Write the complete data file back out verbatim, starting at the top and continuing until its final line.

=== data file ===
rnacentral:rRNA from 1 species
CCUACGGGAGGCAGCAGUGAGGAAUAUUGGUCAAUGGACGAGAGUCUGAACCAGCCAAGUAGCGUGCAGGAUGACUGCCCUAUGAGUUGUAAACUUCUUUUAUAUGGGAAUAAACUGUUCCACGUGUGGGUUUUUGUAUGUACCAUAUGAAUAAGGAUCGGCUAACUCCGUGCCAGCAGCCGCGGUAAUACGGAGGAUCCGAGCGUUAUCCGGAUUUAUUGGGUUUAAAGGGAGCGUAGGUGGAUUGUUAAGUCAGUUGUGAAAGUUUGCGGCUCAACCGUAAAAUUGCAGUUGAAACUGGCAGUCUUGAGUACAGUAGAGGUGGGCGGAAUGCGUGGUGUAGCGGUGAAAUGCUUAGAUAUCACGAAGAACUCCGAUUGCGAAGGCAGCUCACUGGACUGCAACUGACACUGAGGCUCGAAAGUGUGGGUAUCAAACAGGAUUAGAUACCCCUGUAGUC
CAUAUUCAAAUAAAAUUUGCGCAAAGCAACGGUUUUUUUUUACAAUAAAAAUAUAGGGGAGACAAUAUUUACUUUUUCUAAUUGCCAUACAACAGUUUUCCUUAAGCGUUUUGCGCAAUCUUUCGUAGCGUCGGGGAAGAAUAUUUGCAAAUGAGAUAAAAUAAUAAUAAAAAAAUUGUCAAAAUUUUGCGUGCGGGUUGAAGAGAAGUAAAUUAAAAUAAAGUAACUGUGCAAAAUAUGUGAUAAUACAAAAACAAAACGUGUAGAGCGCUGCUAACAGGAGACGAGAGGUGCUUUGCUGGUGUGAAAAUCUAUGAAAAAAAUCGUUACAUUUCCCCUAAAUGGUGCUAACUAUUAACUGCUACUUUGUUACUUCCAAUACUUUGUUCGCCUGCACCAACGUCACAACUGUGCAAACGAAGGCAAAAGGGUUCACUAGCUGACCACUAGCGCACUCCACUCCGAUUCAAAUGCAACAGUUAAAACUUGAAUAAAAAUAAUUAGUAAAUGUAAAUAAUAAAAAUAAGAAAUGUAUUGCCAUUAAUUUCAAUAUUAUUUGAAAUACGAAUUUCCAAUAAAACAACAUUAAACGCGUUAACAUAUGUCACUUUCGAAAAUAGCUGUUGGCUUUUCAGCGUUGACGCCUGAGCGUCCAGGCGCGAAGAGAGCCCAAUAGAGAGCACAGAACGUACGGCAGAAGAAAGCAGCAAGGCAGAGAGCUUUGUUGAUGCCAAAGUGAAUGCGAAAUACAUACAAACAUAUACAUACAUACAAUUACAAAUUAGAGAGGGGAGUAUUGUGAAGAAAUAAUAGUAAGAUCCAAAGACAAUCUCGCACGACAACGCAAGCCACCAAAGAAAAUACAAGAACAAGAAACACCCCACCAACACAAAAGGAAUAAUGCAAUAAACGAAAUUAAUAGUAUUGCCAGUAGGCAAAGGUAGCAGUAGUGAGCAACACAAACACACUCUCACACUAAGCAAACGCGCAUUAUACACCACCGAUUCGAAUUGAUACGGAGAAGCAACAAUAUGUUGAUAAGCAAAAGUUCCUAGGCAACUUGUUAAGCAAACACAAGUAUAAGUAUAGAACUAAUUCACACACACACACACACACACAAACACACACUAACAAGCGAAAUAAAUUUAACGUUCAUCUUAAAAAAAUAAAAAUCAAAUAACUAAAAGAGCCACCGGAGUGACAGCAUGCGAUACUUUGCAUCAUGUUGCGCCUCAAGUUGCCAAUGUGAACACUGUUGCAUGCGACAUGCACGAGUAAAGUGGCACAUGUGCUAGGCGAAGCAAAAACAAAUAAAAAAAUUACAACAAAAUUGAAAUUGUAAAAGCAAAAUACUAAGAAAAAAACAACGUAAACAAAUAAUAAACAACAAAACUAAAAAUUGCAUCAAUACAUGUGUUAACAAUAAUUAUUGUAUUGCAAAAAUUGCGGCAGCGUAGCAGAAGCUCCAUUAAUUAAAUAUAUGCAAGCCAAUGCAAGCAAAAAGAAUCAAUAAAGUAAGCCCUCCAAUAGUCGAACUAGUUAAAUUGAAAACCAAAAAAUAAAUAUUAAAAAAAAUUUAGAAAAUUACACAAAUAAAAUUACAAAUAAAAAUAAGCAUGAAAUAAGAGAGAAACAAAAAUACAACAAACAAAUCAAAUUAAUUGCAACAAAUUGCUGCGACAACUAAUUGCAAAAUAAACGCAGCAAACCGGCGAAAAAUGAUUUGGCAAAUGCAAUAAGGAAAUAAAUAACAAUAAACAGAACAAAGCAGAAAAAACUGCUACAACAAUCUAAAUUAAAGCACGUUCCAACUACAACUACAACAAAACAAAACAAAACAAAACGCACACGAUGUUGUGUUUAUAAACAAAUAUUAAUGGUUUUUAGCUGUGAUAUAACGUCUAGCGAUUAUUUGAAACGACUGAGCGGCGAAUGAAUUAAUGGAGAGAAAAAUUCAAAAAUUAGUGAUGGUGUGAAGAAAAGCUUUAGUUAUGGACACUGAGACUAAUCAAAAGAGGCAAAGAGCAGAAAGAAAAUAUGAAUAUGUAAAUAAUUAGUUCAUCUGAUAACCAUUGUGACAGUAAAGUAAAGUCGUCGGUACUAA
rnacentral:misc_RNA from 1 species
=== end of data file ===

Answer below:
rnacentral:rRNA from 1 species
CCUACGGGAGGCAGCAGUGAGGAAUAUUGGUCAAUGGACGAGAGUCUGAACCAGCCAAGUAGCGUGCAGGAUGACUGCCCUAUGAGUUGUAAACUUCUUUUAUAUGGGAAUAAACUGUUCCACGUGUGGGUUUUUGUAUGUACCAUAUGAAUAAGGAUCGGCUAACUCCGUGCCAGCAGCCGCGGUAAUACGGAGGAUCCGAGCGUUAUCCGGAUUUAUUGGGUUUAAAGGGAGCGUAGGUGGAUUGUUAAGUCAGUUGUGAAAGUUUGCGGCUCAACCGUAAAAUUGCAGUUGAAACUGGCAGUCUUGAGUACAGUAGAGGUGGGCGGAAUGCGUGGUGUAGCGGUGAAAUGCUUAGAUAUCACGAAGAACUCCGAUUGCGAAGGCAGCUCACUGGACUGCAACUGACACUGAGGCUCGAAAGUGUGGGUAUCAAACAGGAUUAGAUACCCCUGUAGUC
CAUAUUCAAAUAAAAUUUGCGCAAAGCAACGGUUUUUUUUUACAAUAAAAAUAUAGGGGAGACAAUAUUUACUUUUUCUAAUUGCCAUACAACAGUUUUCCUUAAGCGUUUUGCGCAAUCUUUCGUAGCGUCGGGGAAGAAUAUUUGCAAAUGAGAUAAAAUAAUAAUAAAAAAAUUGUCAAAAUUUUGCGUGCGGGUUGAAGAGAAGUAAAUUAAAAUAAAGUAACUGUGCAAAAUAUGUGAUAAUACAAAAACAAAACGUGUAGAGCGCUGCUAACAGGAGACGAGAGGUGCUUUGCUGGUGUGAAAAUCUAUGAAAAAAAUCGUUACAUUUCCCCUAAAUGGUGCUAACUAUUAACUGCUACUUUGUUACUUCCAAUACUUUGUUCGCCUGCACCAACGUCACAACUGUGCAAACGAAGGCAAAAGGGUUCACUAGCUGACCACUAGCGCACUCCACUCCGAUUCAAAUGCAACAGUUAAAACUUGAAUAAAAAUAAUUAGUAAAUGUAAAUAAUAAAAAUAAGAAAUGUAUUGCCAUUAAUUUCAAUAUUAUUUGAAAUACGAAUUUCCAAUAAAACAACAUUAAACGCGUUAACAUAUGUCACUUUCGAAAAUAGCUGUUGGCUUUUCAGCGUUGACGCCUGAGCGUCCAGGCGCGAAGAGAGCCCAAUAGAGAGCACAGAACGUACGGCAGAAGAAAGCAGCAAGGCAGAGAGCUUUGUUGAUGCCAAAGUGAAUGCGAAAUACAUACAAACAUAUACAUACAUACAAUUACAAAUUAGAGAGGGGAGUAUUGUGAAGAAAUAAUAGUAAGAUCCAAAGACAAUCUCGCACGACAACGCAAGCCACCAAAGAAAAUACAAGAACAAGAAACACCCCACCAACACAAAAGGAAUAAUGCAAUAAACGAAAUUAAUAGUAUUGCCAGUAGGCAAAGGUAGCAGUAGUGAGCAACACAAACACACUCUCACACUAAGCAAACGCGCAUUAUACACCACCGAUUCGAAUUGAUACGGAGAAGCAACAAUAUGUUGAUAAGCAAAAGUUCCUAGGCAACUUGUUAAGCAAACACAAGUAUAAGUAUAGAACUAAUUCACACACACACACACACACACAAACACACACUAACAAGCGAAAUAAAUUUAACGUUCAUCUUAAAAAAAUAAAAAUCAAAUAACUAAAAGAGCCACCGGAGUGACAGCAUGCGAUACUUUGCAUCAUGUUGCGCCUCAAGUUGCCAAUGUGAACACUGUUGCAUGCGACAUGCACGAGUAAAGUGGCACAUGUGCUAGGCGAAGCAAAAACAAAUAAAAAAAUUACAACAAAAUUGAAAUUGUAAAAGCAAAAUACUAAGAAAAAAACAACGUAAACAAAUAAUAAACAACAAAACUAAAAAUUGCAUCAAUACAUGUGUUAACAAUAAUUAUUGUAUUGCAAAAAUUGCGGCAGCGUAGCAGAAGCUCCAUUAAUUAAAUAUAUGCAAGCCAAUGCAAGCAAAAAGAAUCAAUAAAGUAAGCCCUCCAAUAGUCGAACUAGUUAAAUUGAAAACCAAAAAAUAAAUAUUAAAAAAAAUUUAGAAAAUUACACAAAUAAAAUUACAAAUAAAAAUAAGCAUGAAAUAAGAGAGAAACAAAAAUACAACAAACAAAUCAAAUUAAUUGCAACAAAUUGCUGCGACAACUAAUUGCAAAAUAAACGCAGCAAACCGGCGAAAAAUGAUUUGGCAAAUGCAAUAAGGAAAUAAAUAACAAUAAACAGAACAAAGCAGAAAAAACUGCUACAACAAUCUAAAUUAAAGCACGUUCCAACUACAACUACAACAAAACAAAACAAAACAAAACGCACACGAUGUUGUGUUUAUAAACAAAUAUUAAUGGUUUUUAGCUGUGAUAUAACGUCUAGCGAUUAUUUGAAACGACUGAGCGGCGAAUGAAUUAAUGGAGAGAAAAAUUCAAAAAUUAGUGAUGGUGUGAAGAAAAGCUUUAGUUAUGGACACUGAGACUAAUCAAAAGAGGCAAAGAGCAGAAAGAAAAUAUGAAUAUGUAAAUAAUUAGUUCAUCUGAUAACCAUUGUGACAGUAAAGUAAAGUCGUCGGUACUAA
rnacentral:misc_RNA from 1 species